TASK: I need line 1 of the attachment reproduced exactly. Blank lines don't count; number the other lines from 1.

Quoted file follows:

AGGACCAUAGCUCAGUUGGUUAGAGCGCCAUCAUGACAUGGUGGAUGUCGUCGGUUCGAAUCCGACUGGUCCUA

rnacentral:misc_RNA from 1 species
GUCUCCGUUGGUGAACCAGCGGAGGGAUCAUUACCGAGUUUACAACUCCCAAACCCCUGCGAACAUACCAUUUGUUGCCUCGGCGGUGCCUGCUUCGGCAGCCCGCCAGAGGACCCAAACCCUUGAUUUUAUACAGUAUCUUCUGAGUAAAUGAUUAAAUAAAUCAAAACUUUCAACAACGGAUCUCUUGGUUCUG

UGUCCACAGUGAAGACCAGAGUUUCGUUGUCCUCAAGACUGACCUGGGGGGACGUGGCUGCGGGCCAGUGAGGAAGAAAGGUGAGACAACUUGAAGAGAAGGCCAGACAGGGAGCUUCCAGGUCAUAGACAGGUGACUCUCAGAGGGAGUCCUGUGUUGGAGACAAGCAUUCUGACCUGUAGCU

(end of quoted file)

AGGACCAUAGCUCAGUUGGUUAGAGCGCCAUCAUGACAUGGUGGAUGUCGUCGGUUCGAAUCCGACUGGUCCUA